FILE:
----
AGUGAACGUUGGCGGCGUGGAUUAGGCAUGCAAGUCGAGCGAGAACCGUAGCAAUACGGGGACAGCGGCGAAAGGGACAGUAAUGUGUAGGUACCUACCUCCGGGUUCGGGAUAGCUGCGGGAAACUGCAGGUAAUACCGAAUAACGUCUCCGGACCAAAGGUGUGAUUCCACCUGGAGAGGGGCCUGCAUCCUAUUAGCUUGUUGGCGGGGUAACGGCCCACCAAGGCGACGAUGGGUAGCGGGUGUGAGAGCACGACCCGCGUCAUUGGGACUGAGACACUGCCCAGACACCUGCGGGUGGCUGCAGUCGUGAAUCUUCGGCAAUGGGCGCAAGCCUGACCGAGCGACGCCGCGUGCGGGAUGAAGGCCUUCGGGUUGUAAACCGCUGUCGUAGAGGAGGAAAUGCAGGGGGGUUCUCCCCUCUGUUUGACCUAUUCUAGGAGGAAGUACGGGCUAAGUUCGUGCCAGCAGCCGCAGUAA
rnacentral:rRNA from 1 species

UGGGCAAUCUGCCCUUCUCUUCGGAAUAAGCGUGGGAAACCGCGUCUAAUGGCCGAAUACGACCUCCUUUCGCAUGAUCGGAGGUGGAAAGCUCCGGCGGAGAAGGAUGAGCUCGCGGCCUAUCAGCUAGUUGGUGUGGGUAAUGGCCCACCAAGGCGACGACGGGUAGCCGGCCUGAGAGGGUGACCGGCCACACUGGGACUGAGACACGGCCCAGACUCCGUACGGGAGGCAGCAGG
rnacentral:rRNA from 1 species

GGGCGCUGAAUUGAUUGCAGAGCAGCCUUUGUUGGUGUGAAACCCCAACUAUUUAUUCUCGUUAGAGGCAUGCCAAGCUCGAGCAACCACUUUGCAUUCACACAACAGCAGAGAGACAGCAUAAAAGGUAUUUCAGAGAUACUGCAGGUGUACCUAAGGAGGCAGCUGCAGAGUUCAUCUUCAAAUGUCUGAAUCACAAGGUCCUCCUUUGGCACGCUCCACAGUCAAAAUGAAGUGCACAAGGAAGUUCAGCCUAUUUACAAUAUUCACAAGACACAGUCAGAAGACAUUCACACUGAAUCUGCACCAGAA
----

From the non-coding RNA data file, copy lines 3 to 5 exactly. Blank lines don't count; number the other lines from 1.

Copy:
UGGGCAAUCUGCCCUUCUCUUCGGAAUAAGCGUGGGAAACCGCGUCUAAUGGCCGAAUACGACCUCCUUUCGCAUGAUCGGAGGUGGAAAGCUCCGGCGGAGAAGGAUGAGCUCGCGGCCUAUCAGCUAGUUGGUGUGGGUAAUGGCCCACCAAGGCGACGACGGGUAGCCGGCCUGAGAGGGUGACCGGCCACACUGGGACUGAGACACGGCCCAGACUCCGUACGGGAGGCAGCAGG
rnacentral:rRNA from 1 species

GGGCGCUGAAUUGAUUGCAGAGCAGCCUUUGUUGGUGUGAAACCCCAACUAUUUAUUCUCGUUAGAGGCAUGCCAAGCUCGAGCAACCACUUUGCAUUCACACAACAGCAGAGAGACAGCAUAAAAGGUAUUUCAGAGAUACUGCAGGUGUACCUAAGGAGGCAGCUGCAGAGUUCAUCUUCAAAUGUCUGAAUCACAAGGUCCUCCUUUGGCACGCUCCACAGUCAAAAUGAAGUGCACAAGGAAGUUCAGCCUAUUUACAAUAUUCACAAGACACAGUCAGAAGACAUUCACACUGAAUCUGCACCAGAA